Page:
The half-timbered style
March 31st 2021, by Gabriel
Let’s talk a little about Alsatian houses, the half-timbered houses (maisons à colombage) also referred to in French as the houses with timber frame panels or studwork. This “colombage” allows us to add this monument to the five “C’s” of Alsace.. which, of course, work better in French : cathédrale (easy enough), choucroute (=sauerkraut), cigogne (=stork), coiffe (=headdress) and colombage (=half-timbering).
What is half-timbering?
To begin with, why so many appellations? Let us start with the “timber frame panels” : it is simply the technical name, these constructions are made from timber frame panels, nothing but the obvious.
Then, “half-timbered” : this term is commonly used to designate a set of half-timbered frames. In French (colombage), it comes from the word colombe (a feminine name that can also designate the “dove” – a bird symbol of peace – but not in this case).
It is first found in 1334 with the sense of “door jamb” , “beam in a wall” and as a beam in a “structural joist”. It is then a doublet of the term “column” found as “columbe” in 1080. This – b- here is called an epenthetic one – I learned a word today 🙂 – and it’s linked to the difficulty of pronuncing the ‘mn’ group of classical Latin columna, “column”.
That said, I preferred the more romantic/funnier version (your choice) coming from German and saying that doves would perch onto these famous beams. Given that in German “pigeon” and “dove” are the same word (“Taube”), when we had to make the transition to French language, we preferred the pigeon’s white cousin, more in adequation to French romanticism… Yet it is true that you are more likely to find pigeons rather than doves on our houses today.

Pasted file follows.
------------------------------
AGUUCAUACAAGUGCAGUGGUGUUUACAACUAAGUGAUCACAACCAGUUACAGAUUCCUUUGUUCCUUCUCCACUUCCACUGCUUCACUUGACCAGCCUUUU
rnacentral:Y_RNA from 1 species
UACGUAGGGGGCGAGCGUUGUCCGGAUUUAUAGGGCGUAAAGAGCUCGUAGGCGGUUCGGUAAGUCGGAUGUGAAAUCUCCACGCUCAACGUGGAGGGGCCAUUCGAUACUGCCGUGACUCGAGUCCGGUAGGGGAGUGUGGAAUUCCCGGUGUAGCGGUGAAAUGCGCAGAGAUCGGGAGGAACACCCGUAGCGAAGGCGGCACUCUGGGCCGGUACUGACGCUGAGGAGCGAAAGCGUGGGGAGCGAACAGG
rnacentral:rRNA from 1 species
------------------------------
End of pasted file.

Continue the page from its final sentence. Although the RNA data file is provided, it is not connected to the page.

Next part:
Then again, you can choose the version you like the most but keep in mind that one of them lacks some truth 😉
And finally, the name “Alsatian house” comes simply from the fact that it is (of course) the Alsatians who invented this architecture … Probably an effect of some “rest-of-France-imported” pride to my humble Alsatian opinion – this sentence is, indeed, perfectly contradictory, so what?
Where did this come from?
Okay then, but if we put our pride aside, where does such architecture come from?
Its origin actually dates back to the dawn of time, no doubt to protohistoric times when huts with a wooden posts structure were built. Some such traces can be found in Alsace, for instance in Holtzheim where you will find a reconstruction of one such house from the Linear Pottery culture. That said, unfortunately you will not find any more examples of half-timbered houses dating from before the 15th century. Wars, fires, destruction, and also time, have unfortunately done their work and there are no more examples of what was the Alsatian house before that. And even though you will not find very old examples, you can find such architecture all over Europe, it is not in fact a specificity of our region…
The alsatian rainbow!
That said, our beautiful Alsatian region still enjoys one of the highest concentrations of that type of architecture, even if you can find it pretty much all over Europe. And it is also here that you can see the most extravagant colors! Although these colors were not always the result of the owner’s tastes, on the contrary!
Firstly, you should know that white was the standard color, probably to make things easy – it’s always simpler than having to go look for the right pigments. But the colors also correspond to a fairly precise code:
- blue for the woodworking trades (carpenters, joiners, etc.)
- red for the iron-related trades (blacksmiths, iron workers, etc.)
- yellow for the bread trades (bakers, pastry chefs, etc.)
- green for the leather and fabric trades (tanners, saddlers, weavers, etc.)
- beige for the stone trades (masons, stonemasons, roofers, plasterers, etc.)
And some will also say that the colors blue and red concerned the Catholics and Protestants respectively.
Still, if today we find more colors in Alsace than in other regions, it is simply because the available choice is wider. So if you want to repaint your house in fuchsia pink, don’t hesitate! Although I don’t know if this color corresponds to anything other than your personal taste 😉
There is so much to say about these buildings, but it is too much for such a small blog post … So you will have to join our tours!
And since it’s summer and you may be on vacation, you can also take a day off to (re)discover the Alsatian Ecomuseum in Ungersheim, there you’ll see how these pretty houses are moved around…